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Raya & The Last Dragon – Quick Review

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It’s been a while since the 2021 Disney animated movie ‘Raya & The Last Dragon’ came out, but I got the ‘Disney+ Premium’ subscription only recently, so I finally saw it. A close friend of mine had mentioned how we are “too old & jaded” to enjoy it, because it’s largely aimed at children. But you know what, I was joyous like a little kid while watching it.

Here’s the biggest strength of the story – the colorful animation and the fact that it’s set in a mythical realm called Kumandra, steeped in the lore of dragons and magic. All the dragons are gone, but they were wiped out while saving mankind from a deadly plague which would turn living beings into stone. But with the plague and dragons gone, Kumandra scatters into five warring kingdoms, each trying to take control of the last piece of dragon magic left in their land. It’s up to the warrior Raya, to find the last dragon and restore Kumandra to its former glory again.

Raya has no romantic distractions, so the plot is completely focused on her quest, so full points for a completely asexual themed story. There are the usual emotional tropes that Disney uses in all its other films that we see in this one too – people losing family, failing to trust each other, and being greedy back-stabbing villains who make the protagonist lose faith in everything. The word ‘trust’ is used a little to often and can get a little overbearing for adult viewers, but one doesn’t suppose younger viewers will pick up on it.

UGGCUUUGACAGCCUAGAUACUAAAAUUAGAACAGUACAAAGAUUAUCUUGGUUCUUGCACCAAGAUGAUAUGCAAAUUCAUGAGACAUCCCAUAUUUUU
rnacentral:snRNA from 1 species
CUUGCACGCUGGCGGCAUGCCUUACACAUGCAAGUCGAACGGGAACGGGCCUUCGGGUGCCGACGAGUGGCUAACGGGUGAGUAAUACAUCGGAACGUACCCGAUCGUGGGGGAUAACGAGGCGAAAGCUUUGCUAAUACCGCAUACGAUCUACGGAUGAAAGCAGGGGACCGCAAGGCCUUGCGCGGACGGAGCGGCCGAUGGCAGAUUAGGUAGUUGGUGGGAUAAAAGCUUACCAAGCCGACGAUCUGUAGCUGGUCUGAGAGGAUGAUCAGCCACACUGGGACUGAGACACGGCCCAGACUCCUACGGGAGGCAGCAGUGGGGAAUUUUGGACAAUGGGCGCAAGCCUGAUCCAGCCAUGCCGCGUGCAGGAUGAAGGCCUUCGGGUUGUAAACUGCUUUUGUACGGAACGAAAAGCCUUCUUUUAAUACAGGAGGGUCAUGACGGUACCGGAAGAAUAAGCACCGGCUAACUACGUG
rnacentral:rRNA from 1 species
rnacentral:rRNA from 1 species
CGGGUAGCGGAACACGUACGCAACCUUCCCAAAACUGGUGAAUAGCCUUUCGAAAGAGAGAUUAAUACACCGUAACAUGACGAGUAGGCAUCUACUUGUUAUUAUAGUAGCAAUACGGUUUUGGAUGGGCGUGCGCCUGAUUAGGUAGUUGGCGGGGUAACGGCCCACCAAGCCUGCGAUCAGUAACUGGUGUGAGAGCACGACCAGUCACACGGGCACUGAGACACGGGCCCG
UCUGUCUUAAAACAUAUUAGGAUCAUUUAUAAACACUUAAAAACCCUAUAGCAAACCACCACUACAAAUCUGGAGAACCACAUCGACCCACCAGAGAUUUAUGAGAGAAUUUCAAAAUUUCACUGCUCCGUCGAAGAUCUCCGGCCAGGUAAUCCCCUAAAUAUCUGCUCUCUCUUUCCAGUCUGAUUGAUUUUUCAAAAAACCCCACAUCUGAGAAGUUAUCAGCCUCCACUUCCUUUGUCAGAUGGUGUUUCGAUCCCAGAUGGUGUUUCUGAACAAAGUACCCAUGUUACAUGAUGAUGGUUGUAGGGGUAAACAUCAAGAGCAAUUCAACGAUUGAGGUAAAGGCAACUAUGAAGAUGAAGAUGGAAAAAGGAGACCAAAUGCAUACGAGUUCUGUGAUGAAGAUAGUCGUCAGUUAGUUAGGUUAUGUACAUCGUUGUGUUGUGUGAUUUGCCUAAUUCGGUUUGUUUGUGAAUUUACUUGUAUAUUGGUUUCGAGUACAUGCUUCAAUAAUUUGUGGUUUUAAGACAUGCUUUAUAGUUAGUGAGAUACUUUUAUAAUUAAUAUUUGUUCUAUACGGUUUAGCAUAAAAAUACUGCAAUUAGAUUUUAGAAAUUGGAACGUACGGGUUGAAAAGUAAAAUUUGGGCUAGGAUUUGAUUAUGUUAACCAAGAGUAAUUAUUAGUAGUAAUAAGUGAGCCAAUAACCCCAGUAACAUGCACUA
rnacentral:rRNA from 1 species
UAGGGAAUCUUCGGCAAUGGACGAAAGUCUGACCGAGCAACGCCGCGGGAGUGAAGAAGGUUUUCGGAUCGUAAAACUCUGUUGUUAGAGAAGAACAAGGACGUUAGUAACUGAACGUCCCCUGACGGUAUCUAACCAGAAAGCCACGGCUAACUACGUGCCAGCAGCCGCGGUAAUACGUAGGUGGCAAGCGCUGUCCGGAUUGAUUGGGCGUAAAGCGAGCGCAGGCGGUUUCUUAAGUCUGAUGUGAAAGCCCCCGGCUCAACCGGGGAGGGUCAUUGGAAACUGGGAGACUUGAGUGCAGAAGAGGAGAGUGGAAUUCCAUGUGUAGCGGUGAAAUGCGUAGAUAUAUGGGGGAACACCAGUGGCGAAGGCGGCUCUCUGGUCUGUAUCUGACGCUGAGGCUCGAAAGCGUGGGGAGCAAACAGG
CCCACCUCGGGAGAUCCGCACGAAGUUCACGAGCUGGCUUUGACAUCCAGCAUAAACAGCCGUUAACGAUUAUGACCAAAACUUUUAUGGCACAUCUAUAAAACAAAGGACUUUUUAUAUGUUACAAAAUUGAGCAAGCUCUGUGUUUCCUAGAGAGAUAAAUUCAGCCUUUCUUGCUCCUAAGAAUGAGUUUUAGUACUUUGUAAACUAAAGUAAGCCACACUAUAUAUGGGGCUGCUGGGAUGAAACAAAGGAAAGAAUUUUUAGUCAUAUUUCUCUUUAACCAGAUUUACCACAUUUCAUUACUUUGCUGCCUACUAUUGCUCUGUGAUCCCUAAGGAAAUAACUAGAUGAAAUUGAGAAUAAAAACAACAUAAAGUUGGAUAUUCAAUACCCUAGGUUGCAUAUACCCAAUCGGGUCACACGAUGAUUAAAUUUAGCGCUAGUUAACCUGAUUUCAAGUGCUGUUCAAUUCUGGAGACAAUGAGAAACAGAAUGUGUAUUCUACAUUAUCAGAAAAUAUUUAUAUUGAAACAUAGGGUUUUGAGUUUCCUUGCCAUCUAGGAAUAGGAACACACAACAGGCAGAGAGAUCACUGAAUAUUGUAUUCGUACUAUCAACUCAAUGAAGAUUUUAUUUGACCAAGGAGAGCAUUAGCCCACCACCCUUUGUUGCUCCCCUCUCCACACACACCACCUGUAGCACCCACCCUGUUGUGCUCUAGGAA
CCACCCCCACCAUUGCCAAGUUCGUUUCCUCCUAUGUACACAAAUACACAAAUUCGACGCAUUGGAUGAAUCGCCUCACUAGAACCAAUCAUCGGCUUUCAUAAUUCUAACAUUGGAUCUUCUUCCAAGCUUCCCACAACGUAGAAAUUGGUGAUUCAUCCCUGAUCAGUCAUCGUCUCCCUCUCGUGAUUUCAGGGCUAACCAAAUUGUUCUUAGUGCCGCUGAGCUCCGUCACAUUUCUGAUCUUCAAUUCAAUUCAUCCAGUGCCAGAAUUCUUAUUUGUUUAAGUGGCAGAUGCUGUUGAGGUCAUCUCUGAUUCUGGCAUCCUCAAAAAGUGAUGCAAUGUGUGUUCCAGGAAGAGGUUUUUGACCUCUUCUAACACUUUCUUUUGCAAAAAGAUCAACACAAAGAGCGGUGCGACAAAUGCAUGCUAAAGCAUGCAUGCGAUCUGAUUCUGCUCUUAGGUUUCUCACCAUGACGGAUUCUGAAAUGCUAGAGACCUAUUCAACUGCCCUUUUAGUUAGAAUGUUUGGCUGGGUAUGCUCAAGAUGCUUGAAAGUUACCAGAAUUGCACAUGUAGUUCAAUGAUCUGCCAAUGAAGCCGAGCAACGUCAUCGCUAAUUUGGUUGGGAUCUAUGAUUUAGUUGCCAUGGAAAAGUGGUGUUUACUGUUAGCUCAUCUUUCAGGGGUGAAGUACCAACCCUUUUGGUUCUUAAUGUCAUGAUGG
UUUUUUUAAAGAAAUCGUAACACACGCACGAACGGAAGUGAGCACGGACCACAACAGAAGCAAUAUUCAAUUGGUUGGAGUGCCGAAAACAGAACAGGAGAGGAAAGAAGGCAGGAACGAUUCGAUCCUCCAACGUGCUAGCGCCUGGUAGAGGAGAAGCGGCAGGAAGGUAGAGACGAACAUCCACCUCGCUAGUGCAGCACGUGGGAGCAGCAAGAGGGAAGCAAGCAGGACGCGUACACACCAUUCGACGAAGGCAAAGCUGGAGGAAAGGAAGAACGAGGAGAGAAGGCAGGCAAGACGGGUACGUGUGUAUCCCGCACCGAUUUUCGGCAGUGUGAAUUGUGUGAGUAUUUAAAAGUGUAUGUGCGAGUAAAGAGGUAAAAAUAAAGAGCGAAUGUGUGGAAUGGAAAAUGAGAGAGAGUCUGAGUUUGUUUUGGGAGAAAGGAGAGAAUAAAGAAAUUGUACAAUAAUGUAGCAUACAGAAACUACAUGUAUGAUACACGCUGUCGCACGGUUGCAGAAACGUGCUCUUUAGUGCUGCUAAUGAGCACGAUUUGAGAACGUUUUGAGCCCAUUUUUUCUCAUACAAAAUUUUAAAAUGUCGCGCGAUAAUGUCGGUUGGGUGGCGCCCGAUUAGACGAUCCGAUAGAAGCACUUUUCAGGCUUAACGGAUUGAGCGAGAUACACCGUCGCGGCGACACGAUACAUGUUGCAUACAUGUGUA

Kelly Marie Tran has voiced Raya’s character, but it’s Awkwafina who stands out with her distinct playful husky voice as Sisu, the last dragon. There’s this lovely comic-book style animation used for a few seconds in the second-half while the characters are planning an ambush that is done very well. Some more of the mixing of art-styles could’ve made it more fun. Indian viewers will notice how the main dragons have Hindi name – ‘Sisu’ is very close to the word ‘shishu’ which mean baby and the dragon happens to be the youngest of her siblings. The other Hindi names are ‘Pranee’, ‘Amba’ and ‘Jagan’. The dragons themselves aren’t as grand as one would want them to be and look more like animated plush toys. It’s Awkwafina’s voice that gives a whole lot of personality to the ‘last dragon’, than the dragon in itself.

Some of the background music was a little funny in the first half, an awkward mix of western & Asian beats, but it gets a lot better and upbeat as the plot progresses. I loved how there are several strong women characters, although, we don’t get enough back-stories to them. The climax is a wholesome family-film affair and will have the non-cynical viewers happy and satisfied. A great pick for kids.

It’s a 7.5/10 from me.

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